Nancy Kurshan

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Nancy Sarah Kurshan (born February 4, 1944 in Brooklyn, NY) is an American activist, raised as a "red diaper baby", and best known for being a founder of the Youth International Party (whose members were popularly known as Yippies). She was a participant in the civil rights and peace movements as far back as high school. During her college years in Madison, Wisconsin, she was a member of Friends of SNCC (the Student Nonviolent Coordinating Committee) and CORE, and participated in the first demonstration against the Vietnam War in Washington, DC in April 1965. She then began to pursue a Ph.D. in psychology at UC Berkeley where she met Jerry Rubin. She dropped out to join Rubin in New York where they worked for the Mobe (National Mobilization Committee to End the War in Vietnam) on the 1967 demo to shut down the Pentagon.

Kurshan initiated a guerrilla theater women's group called W.I.T.C.H. (Women's International Terrorist Conspiracy from Hell) along with Robin Morgan, Sharon Krebs, and Roz Payne. When Rubin appeared in front of HUAC (House Un-American Activities Committee) dressed as an international guerrilla, she joined him, appearing as a witch to put a hex on HUAC. At the conclusion of the "Chicago Conspiracy Trial", when all the defendants were initially found guilty, Kurshan and Anita Hoffman burned judges' robes during a press conference as a denunciation of the guilty verdict (which was later reversed on appeal). Photos of this action appeared on front pages all across the world.

Robin Morgan wrote about Kurshan in her famous essay entitled "Goodbye to All That". Morgan suggested that Kurshan and many other women (Morgan among them) needed to free themselves from the male domination of the left and their respective partners. In 1970 Kurshan traveled to North Vietnam on an all-women's trip that included Judy Clavir and Jeanne Plamandon of the White Panther Party.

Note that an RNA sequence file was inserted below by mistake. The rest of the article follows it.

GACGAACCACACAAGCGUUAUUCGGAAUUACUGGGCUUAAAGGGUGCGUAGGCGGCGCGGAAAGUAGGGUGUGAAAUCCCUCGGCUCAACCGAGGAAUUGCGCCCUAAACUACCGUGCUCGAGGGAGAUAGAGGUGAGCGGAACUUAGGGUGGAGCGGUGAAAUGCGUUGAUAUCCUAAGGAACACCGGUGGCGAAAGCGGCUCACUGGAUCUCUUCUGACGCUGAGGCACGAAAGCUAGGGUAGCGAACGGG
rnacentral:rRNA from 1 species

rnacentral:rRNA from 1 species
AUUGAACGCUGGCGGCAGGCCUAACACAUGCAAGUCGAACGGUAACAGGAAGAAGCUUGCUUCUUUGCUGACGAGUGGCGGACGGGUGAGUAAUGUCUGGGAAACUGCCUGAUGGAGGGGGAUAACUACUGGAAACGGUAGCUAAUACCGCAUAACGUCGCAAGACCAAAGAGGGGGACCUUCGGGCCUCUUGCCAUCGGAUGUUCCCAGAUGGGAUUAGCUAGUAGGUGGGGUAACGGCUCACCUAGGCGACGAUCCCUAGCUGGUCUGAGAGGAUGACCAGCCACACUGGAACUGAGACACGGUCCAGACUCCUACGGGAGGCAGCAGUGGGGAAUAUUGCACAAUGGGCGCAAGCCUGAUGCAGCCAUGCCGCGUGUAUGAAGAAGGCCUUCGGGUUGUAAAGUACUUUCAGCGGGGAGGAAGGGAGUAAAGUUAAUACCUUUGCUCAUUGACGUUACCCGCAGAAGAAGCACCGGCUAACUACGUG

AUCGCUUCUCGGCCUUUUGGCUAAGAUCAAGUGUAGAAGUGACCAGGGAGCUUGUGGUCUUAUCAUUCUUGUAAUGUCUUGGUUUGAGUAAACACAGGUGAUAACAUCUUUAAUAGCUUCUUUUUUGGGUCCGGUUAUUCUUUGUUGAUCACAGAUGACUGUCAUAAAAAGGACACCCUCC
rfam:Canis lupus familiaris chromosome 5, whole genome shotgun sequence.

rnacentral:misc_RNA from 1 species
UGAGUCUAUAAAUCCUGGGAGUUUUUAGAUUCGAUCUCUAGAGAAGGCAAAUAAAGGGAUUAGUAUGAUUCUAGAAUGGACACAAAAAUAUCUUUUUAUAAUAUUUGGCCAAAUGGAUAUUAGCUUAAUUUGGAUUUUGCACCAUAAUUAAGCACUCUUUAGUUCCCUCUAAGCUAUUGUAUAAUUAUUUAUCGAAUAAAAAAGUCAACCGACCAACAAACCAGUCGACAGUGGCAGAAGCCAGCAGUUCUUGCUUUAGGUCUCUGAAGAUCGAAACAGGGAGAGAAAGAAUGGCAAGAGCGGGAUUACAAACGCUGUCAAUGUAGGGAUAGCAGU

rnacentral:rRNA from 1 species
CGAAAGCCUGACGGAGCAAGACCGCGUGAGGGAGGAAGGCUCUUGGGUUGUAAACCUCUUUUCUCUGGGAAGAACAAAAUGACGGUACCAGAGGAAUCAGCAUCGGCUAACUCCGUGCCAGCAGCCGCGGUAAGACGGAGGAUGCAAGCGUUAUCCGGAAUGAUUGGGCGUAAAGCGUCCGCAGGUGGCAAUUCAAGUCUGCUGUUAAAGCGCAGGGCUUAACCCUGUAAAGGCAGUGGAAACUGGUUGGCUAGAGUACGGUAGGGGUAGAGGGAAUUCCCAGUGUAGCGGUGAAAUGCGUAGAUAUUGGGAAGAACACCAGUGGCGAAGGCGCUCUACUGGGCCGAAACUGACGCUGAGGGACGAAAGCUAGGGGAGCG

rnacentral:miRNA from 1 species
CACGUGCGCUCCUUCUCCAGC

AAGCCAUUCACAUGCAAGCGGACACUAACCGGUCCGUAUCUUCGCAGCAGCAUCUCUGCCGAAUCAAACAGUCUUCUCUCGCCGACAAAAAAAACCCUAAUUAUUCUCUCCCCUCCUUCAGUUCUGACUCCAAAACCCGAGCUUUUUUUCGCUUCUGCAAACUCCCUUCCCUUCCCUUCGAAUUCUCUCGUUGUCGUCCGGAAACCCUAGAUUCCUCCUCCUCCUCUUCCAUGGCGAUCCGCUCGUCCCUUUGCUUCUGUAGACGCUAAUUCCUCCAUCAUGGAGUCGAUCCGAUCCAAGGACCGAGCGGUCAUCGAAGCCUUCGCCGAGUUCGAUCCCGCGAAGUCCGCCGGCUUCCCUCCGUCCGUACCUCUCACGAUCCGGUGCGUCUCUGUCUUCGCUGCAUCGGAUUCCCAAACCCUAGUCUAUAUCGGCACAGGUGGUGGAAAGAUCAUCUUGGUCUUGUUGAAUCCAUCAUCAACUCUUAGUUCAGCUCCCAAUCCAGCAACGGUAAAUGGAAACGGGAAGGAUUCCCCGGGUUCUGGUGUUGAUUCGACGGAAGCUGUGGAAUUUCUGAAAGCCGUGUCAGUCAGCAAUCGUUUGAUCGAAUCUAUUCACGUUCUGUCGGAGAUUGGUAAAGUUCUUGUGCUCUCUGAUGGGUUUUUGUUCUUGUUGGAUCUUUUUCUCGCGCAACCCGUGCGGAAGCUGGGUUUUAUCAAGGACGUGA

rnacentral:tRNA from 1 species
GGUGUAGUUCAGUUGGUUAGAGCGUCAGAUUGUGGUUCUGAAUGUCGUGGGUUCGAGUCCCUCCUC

Not long after, Kurshan left Rubin. She then went on to join the Weather Underground as a public member until its demise. She participated for many years thereafter in the efforts to free political prisoners such as the Puerto Rican political prisoners, Sundiata Acoli, Geronimo Pratt, and many others. She was active in the fight against control unit prisons as a founding member of the Committee to End the Marion Lockdown. She has also authored a popular analysis called "Women And Imprisonment in the United States", which has appeared in countless texts and books about prisons and repression,[citation needed] and in 2013, the Freedom Archives published Out of Control, her book about the battle to end control unit prisons.

Along the way, Kurshan married Chicago epidemiologist Steve Whitman, raised two children, got a master's degree in social work and worked for 20 years as a social worker in the Chicago Public Schools. Whitman died in 2014.[1]

Mayim Bialik plays Kurshan in the film The Chicago 8.


  • Krassner, Paul. "The Chicago Three", STOPSMILING, ISSUE 24, page 46 2005.

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